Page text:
A young student took it into her own hands to help out her classmates who had trouble paying off their lunch debt

By PEOPLE
December 20, 2019
Courtesy of Karina Hardee

A 5-year-old girl sold cookies and cocoa to pay off the meal debts for more than 100 of her fellow classmates—and now she wants to do even more.

When Katelynn Hardee—a kindergartner at Breeze Hill Elementary School in Vista, California — overheard the parent of one of her classmates saying she was having financial trouble, her own mother tried to turn it into a teachable moment.

"She started asking me a lot of questions and I just tried to explain to her that sometimes people aren't as fortunate and that we need to try to be kind and give when we can," Katelynn's mom, Karina Hardee, told CNN.

That's when the kind kindergartner came up with the idea of selling treats to raise money for the families of her classmates who needed financial help, and she spent a recent Sunday making and selling cocoa, cookies and cider.

Katelynn and her mother then donated $80 to the school to help pay off the meal debt of 123 students at her elementary school.

Related: More School Lunchrooms Across the Nation Will Start Cooking from Scratch Thanks to a USDA Federal Grant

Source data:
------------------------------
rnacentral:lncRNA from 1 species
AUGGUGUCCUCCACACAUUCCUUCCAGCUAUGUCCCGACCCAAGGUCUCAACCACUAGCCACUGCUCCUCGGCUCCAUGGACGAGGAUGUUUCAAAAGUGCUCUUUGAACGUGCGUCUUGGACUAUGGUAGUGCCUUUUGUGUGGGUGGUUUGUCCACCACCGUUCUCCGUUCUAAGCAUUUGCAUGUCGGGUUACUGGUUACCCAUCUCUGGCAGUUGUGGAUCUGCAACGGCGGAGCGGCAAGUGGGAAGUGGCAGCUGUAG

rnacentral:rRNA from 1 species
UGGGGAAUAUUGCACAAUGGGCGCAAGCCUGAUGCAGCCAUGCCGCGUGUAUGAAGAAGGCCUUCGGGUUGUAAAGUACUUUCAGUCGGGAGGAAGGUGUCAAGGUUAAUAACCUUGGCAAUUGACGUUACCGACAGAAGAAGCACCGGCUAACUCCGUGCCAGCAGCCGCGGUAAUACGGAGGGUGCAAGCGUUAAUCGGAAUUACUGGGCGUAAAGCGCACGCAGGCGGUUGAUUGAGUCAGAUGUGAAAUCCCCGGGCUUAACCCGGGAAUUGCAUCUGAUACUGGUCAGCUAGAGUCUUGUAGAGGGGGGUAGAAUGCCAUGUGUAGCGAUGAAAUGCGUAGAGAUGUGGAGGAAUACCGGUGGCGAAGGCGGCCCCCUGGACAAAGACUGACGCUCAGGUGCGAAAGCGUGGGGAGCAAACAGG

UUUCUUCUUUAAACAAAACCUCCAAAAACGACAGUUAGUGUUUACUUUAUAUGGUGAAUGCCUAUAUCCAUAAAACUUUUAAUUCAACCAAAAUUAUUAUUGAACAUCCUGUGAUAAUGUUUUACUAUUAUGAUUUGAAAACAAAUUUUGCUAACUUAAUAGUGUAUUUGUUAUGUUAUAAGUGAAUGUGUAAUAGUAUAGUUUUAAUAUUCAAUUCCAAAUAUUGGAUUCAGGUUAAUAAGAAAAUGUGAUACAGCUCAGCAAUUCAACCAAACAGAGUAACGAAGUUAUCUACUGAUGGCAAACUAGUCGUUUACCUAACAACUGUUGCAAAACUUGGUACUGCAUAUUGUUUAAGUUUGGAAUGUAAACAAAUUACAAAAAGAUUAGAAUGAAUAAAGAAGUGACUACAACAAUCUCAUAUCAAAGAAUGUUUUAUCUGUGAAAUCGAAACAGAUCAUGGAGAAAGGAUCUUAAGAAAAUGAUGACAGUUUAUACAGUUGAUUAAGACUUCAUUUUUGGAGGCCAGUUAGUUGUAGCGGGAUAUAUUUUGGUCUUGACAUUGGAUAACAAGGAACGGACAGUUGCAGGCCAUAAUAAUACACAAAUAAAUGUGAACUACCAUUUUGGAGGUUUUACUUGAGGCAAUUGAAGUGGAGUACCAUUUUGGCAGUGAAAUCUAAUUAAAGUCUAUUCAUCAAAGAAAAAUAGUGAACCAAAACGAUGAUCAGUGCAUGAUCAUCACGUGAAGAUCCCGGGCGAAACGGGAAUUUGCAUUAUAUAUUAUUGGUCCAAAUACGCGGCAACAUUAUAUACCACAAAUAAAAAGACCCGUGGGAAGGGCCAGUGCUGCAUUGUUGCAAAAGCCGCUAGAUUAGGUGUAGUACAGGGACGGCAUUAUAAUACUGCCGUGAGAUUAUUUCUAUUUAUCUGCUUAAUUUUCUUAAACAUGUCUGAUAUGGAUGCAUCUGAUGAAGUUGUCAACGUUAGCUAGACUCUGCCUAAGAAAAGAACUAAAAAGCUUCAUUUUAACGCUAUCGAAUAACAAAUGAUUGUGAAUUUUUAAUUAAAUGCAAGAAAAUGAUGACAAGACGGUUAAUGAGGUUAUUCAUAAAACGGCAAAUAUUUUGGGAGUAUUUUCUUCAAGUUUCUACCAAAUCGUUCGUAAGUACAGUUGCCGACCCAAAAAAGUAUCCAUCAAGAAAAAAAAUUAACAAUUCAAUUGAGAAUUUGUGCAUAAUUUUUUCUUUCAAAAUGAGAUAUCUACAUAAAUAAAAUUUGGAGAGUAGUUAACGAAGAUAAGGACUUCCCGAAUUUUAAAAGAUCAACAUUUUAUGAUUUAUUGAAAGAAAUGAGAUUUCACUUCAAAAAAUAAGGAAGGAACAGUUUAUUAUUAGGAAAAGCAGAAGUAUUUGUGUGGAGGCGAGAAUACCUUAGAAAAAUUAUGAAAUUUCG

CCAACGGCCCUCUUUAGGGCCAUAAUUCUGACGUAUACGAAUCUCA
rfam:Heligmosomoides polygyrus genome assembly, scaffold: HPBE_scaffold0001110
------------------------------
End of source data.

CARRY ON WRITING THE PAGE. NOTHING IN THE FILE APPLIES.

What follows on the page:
"[She hopes other students] can have a snack and lunch," Katelynn said, according to Hardee. "If they don't, their tummies grumble."

According to a 2019 report from the School Nutrition Association, 75 percent of reporting school districts had unpaid student meal debt. Most of the districts that reported having students with lunch debt had a low prevalence of free or reduced-price meals available.

The average unpaid student meal debt per district amounted to $3,400, the association found. Debt totals were reported from as little as $10 to as much as $500,000. The total school lunch debt among the 570 districts that reported the amount was greater than $10.9 million.

"Everybody is just so proud and happy and other students are already talking about ways they can also make a difference," Breeze Hill Principal Lori Higley told CNN. "It goes to show that even one small, kind act from a 5-year-old can mean the difference for someone in their life."

Katelynn now wants to help other students in her school district settle their lunch debts and is planning to host another treat stand at her school this weekend to raise funds.

"It's all about kindness," her mother said. "Especially this holiday season, and with everything that's going on in the world, we just need a little bit more kindness out there."

This article originally appeared on PEOPLE.com by Jason Duaine Hahn.

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